The paper identifies flaws in the treatment of Intellectual Property as an intangible asset in the current national accounts international standards. It is proposed that the treatment should revert to that of the 1968 System of National Accounts (SNA), where payments for access to Intellectual Property were classified as property income (income transfers) and not as payment for services as in SNA 2008 and the European System of Accounts (ESA) 2010. This dramatic change in treatment has had unfortunate results, most visibly in the case of the revision to GDP estimates for Ireland. In 2016, the estimate for Ireland’s 2015 annual GDP growth was revised upwards from 7.8% to 26.3%. This was caused mainly by a relocation of a large multinational’s registration of Intellectual Property from mainland Europe. The associated access payments were treated as a set of new exports of services, with the subsequent large increase in the GDP level and growth measures of the Irish economy.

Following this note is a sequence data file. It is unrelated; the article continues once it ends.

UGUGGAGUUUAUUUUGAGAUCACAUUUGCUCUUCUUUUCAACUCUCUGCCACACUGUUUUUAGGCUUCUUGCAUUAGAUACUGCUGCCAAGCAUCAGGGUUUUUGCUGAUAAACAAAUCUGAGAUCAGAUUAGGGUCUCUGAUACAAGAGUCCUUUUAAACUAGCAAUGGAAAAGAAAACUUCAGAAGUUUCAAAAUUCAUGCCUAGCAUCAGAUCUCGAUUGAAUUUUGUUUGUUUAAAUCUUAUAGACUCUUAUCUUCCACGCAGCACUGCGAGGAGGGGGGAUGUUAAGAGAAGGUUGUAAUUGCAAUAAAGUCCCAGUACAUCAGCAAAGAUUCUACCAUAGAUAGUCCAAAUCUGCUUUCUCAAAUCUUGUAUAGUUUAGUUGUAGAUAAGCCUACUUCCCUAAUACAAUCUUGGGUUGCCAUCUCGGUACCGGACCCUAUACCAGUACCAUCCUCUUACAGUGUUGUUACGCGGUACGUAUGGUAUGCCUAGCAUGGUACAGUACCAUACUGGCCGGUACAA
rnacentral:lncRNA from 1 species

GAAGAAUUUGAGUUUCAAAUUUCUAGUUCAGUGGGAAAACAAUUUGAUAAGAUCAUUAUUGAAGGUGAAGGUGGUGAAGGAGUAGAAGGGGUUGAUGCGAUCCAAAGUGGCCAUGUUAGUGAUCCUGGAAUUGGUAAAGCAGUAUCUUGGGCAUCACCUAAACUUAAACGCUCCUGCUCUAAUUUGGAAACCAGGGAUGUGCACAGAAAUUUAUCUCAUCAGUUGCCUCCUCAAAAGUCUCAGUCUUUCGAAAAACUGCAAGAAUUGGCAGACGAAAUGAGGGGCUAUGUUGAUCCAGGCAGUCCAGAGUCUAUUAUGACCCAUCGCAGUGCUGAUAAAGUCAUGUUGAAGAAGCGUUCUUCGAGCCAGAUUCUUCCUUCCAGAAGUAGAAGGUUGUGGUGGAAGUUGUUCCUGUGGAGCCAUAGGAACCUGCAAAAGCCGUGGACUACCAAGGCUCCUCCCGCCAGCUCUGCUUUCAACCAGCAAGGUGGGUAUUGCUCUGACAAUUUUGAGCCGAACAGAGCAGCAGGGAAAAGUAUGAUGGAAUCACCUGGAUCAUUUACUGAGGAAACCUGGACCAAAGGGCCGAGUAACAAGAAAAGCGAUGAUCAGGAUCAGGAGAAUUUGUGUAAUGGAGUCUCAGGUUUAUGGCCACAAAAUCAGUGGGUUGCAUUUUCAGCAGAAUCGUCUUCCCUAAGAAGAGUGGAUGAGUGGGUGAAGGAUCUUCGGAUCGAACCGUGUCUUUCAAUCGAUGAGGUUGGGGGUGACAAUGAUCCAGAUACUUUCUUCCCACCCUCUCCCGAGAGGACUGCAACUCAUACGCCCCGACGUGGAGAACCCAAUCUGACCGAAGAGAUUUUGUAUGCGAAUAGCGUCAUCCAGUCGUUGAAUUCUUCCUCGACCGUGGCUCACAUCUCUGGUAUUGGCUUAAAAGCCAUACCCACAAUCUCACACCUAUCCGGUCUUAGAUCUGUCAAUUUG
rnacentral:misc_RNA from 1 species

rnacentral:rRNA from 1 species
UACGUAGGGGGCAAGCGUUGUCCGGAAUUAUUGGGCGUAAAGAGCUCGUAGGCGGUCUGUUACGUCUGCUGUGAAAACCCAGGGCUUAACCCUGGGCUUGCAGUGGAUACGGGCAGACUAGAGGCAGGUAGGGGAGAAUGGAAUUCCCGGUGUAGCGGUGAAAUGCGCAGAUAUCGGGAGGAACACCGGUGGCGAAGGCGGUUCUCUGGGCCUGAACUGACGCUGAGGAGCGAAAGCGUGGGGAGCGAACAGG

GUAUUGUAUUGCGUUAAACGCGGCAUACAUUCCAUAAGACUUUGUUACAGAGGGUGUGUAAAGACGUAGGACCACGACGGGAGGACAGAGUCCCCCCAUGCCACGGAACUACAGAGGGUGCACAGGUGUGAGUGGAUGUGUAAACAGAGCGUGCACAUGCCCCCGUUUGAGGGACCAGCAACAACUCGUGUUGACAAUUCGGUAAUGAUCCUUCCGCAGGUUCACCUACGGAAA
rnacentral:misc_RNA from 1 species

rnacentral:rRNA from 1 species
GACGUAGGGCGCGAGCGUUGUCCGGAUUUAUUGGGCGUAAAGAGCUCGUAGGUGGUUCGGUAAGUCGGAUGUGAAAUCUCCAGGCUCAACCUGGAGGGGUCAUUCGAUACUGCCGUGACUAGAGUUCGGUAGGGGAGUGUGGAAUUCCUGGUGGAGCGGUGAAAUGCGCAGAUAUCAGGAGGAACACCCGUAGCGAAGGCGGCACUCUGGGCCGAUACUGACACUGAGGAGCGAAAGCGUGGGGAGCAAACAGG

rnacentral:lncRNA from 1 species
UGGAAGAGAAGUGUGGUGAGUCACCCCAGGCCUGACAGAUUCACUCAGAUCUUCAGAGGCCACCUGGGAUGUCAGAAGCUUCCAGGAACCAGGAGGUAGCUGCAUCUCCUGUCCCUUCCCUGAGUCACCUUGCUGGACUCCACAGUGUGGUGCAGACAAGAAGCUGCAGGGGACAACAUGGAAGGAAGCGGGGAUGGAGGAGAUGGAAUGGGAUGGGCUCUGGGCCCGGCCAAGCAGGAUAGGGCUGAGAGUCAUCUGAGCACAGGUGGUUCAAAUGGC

This paper sets out how the current standards lead to this widely criticised change and proposes a model which is consistent with the 1968 SNA treatment.